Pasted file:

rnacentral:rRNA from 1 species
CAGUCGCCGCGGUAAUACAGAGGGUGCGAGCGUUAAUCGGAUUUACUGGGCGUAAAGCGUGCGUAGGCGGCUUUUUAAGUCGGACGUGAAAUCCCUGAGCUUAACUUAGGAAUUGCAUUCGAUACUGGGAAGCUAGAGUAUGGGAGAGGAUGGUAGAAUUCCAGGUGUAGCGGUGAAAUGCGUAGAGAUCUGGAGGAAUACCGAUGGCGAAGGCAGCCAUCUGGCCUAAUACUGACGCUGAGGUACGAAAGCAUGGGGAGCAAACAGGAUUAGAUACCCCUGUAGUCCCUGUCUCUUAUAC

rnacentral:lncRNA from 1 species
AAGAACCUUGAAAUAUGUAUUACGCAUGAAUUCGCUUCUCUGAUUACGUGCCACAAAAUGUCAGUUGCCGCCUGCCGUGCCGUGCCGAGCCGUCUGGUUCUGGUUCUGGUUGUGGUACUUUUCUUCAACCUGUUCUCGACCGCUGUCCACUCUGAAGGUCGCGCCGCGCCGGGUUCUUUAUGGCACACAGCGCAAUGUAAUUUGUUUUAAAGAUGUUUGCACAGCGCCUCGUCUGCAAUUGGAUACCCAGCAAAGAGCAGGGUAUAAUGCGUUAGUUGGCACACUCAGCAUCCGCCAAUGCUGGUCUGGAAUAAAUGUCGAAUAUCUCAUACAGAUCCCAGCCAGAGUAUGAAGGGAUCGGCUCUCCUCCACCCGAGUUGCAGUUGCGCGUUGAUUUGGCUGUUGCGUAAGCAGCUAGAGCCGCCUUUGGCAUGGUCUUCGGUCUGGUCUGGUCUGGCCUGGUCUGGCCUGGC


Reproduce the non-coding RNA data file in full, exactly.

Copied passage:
rnacentral:rRNA from 1 species
CAGUCGCCGCGGUAAUACAGAGGGUGCGAGCGUUAAUCGGAUUUACUGGGCGUAAAGCGUGCGUAGGCGGCUUUUUAAGUCGGACGUGAAAUCCCUGAGCUUAACUUAGGAAUUGCAUUCGAUACUGGGAAGCUAGAGUAUGGGAGAGGAUGGUAGAAUUCCAGGUGUAGCGGUGAAAUGCGUAGAGAUCUGGAGGAAUACCGAUGGCGAAGGCAGCCAUCUGGCCUAAUACUGACGCUGAGGUACGAAAGCAUGGGGAGCAAACAGGAUUAGAUACCCCUGUAGUCCCUGUCUCUUAUAC

rnacentral:lncRNA from 1 species
AAGAACCUUGAAAUAUGUAUUACGCAUGAAUUCGCUUCUCUGAUUACGUGCCACAAAAUGUCAGUUGCCGCCUGCCGUGCCGUGCCGAGCCGUCUGGUUCUGGUUCUGGUUGUGGUACUUUUCUUCAACCUGUUCUCGACCGCUGUCCACUCUGAAGGUCGCGCCGCGCCGGGUUCUUUAUGGCACACAGCGCAAUGUAAUUUGUUUUAAAGAUGUUUGCACAGCGCCUCGUCUGCAAUUGGAUACCCAGCAAAGAGCAGGGUAUAAUGCGUUAGUUGGCACACUCAGCAUCCGCCAAUGCUGGUCUGGAAUAAAUGUCGAAUAUCUCAUACAGAUCCCAGCCAGAGUAUGAAGGGAUCGGCUCUCCUCCACCCGAGUUGCAGUUGCGCGUUGAUUUGGCUGUUGCGUAAGCAGCUAGAGCCGCCUUUGGCAUGGUCUUCGGUCUGGUCUGGUCUGGCCUGGUCUGGCCUGGC